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Boston Bruins left wing Loui Eriksson (21) celebrates his goal against Montreal Canadiens goalie Carey Price during the third period of Game 5 in the second-round of the Stanley Cup hockey playoff series in Boston, Saturday, May 10, 2014. (AP)
Boston Bruins left wing Loui Eriksson (21) celebrates his goal against Montreal Canadiens goalie Carey Price during the third period of Game 5 in the second-round of the Stanley Cup hockey playoff series in Boston, Saturday, May 10, 2014. (AP)

Bruins take stranglehold on series with Game 5 win over Habs Add to ...

This time, it took just six seconds for the Bruins to find their opening; Chara’s pass to Torey Krug was whipped across the ice for Jarome Iginla to one-time past Price.

The TD Garden was dancing on Bobby Orr Day – May 10th being the anniversary of his legendary flying Stanley Cup-winning goal – and the Bruins were looking every inch the President’s Trophy winners.

In the minutes that followed, a disorganized Montreal squad started to come unglued.

At one point, Subban scuffled with Boston forward Milan Lucic along the boards, later the two exchanged words at the player benches – Lucic flexing his arm while jawing at Subban.

“I think it’s self-explanatory. Just one of those battles within the game,” Lucic said. “Just having a little bit of fun within the game. As series as this game can be, sometimes it has to be fun as well. You know he likes to have fun too. Turn the page and focus on the next game.”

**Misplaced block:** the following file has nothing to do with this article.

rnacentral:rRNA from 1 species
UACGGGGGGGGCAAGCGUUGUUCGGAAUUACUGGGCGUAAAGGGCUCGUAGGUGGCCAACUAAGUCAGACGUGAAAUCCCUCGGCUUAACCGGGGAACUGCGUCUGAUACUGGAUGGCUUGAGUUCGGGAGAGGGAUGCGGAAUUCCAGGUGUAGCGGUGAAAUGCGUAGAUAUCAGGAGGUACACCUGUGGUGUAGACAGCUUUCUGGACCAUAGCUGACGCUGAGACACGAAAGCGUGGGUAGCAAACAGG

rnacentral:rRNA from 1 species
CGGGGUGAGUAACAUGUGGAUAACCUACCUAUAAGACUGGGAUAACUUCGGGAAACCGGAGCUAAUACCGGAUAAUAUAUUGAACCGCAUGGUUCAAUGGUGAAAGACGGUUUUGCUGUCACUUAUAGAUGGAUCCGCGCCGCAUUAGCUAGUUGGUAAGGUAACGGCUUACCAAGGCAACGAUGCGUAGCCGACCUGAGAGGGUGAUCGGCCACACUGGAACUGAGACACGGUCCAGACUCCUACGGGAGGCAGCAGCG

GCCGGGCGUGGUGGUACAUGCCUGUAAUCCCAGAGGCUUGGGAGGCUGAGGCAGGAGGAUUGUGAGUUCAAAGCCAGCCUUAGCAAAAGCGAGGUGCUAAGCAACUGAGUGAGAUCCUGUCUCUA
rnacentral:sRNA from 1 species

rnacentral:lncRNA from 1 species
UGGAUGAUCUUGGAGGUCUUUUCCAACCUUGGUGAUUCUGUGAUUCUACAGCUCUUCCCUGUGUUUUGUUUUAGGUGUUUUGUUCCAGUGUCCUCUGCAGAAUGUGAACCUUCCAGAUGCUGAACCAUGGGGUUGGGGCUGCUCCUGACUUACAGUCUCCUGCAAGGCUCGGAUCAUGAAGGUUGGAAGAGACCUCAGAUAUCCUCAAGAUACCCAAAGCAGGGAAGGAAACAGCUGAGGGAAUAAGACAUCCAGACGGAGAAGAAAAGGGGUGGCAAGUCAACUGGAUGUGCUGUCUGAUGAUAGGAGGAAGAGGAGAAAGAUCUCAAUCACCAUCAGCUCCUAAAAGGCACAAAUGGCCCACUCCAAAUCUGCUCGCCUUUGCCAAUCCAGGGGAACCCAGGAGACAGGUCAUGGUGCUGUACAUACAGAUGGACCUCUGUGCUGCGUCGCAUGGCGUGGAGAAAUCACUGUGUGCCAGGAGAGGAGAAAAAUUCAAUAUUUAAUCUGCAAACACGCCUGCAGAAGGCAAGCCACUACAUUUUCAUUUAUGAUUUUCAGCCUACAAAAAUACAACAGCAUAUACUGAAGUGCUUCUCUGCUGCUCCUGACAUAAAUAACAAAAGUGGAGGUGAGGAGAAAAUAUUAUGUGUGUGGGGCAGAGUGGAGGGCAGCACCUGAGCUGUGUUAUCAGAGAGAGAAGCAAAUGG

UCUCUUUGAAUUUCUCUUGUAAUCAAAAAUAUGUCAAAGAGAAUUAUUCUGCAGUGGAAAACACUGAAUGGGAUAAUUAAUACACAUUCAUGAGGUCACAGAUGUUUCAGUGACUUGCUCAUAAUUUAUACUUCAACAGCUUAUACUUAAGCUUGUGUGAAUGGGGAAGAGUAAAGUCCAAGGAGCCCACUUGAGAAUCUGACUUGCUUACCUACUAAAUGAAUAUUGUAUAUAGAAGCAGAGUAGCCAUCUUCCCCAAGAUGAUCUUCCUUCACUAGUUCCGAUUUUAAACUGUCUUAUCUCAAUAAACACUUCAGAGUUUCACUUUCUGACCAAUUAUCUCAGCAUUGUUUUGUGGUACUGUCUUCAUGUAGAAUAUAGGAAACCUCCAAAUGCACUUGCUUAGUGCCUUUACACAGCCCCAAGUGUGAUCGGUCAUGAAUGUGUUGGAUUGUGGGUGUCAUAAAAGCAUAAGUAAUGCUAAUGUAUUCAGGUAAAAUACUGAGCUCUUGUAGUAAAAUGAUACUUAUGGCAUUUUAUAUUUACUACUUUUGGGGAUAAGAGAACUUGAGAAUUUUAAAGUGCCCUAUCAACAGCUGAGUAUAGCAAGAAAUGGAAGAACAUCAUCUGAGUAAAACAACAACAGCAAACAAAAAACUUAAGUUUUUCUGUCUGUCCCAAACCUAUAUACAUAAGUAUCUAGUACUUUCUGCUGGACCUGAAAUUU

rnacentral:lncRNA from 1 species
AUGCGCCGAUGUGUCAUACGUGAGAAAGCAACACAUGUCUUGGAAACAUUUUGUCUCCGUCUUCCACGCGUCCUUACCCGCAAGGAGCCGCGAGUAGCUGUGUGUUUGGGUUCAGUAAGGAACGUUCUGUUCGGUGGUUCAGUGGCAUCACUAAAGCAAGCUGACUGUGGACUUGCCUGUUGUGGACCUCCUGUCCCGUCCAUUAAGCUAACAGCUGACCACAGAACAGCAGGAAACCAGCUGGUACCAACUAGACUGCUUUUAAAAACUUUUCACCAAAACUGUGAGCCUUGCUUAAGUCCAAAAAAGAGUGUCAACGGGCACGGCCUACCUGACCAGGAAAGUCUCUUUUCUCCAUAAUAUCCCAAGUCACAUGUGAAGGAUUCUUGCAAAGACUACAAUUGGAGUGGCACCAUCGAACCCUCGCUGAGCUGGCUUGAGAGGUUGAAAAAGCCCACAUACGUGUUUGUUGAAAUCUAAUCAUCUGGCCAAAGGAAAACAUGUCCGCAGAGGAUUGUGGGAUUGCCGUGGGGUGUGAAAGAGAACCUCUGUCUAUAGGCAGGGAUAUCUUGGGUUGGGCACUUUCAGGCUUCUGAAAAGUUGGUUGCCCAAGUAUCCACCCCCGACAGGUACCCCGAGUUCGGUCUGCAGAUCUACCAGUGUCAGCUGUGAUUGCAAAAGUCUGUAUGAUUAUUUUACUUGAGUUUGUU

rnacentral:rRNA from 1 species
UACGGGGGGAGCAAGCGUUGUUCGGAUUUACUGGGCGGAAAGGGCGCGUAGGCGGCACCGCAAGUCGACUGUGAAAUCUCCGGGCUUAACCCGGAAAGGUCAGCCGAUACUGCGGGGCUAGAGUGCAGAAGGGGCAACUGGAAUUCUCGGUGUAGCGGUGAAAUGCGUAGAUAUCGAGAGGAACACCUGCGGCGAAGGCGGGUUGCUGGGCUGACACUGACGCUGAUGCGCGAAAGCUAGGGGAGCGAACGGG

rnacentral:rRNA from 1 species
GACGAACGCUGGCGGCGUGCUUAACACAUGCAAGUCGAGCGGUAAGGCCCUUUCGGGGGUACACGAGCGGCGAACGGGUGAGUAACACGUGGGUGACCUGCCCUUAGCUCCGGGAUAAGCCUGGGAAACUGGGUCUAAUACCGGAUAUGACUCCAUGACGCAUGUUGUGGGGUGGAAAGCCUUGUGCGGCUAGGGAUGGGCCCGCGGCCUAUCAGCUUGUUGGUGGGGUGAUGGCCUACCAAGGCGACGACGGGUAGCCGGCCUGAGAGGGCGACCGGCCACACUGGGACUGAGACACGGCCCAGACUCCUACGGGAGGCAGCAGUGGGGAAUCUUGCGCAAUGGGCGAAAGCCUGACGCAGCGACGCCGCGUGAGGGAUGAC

Subban admitted that he was trying to get a rise out of the powerful Bruins’ winger.

"I’m just trying to find anything I can to try and, you know, maybe goad him into taking a penalty or something. He’s a pretty smart player, he’s been around a while so he didn’t really fall into the that,” he said, later adding “I have nothing bad to say about him . . . he was showing me he's strong and I felt it.”

At the 13:01 mark, Marchand got tangled up with Lars Eller at centre-ice, trapping his stick and hand under his arm.

The referee’s arm went up, and Marchand went ballistic, cross-checking the Dane in the shoulder and neck; if he hadn’t gone for the hold, he reasonably could have gone for the stick work, a harsher official might have given him a double-minor.

As it was, the Habs had their fourth powerplay of the game, and after Gallagher was crunched into the boards from behind by Matt Bartkowski (the puck was cycled back to the point), he dusted himself off and worked his way to the net to deflect a Plekanec shot – finally, a positive development for the Czech – past Rask.

With just under six minutes to play in the third, the Bruins added a fourth when Eriksson eluded a sub-par back-check from Brian Gionta to pounce on a poor rebound allowed by Price – a true rarity in these playoffs – and stuff the puck past the sprawled goalie.

It was Soderberg’s third point of the night, he also set up the overtime winner in game four.

In a series where the top two lines have largely canceled each other out, the Bruins’ third-line centre is proving to be a pivotal player.

“I think for him last year, when he came to us maybe a little late, he didn’t get much of a chance to play . . . a couple of things you noticed is that he needed to be in better shape, which he did this year,” Boston coach Claude Julien said. “Eventually he just kind of found his game and he’s fitting in extremely well.”

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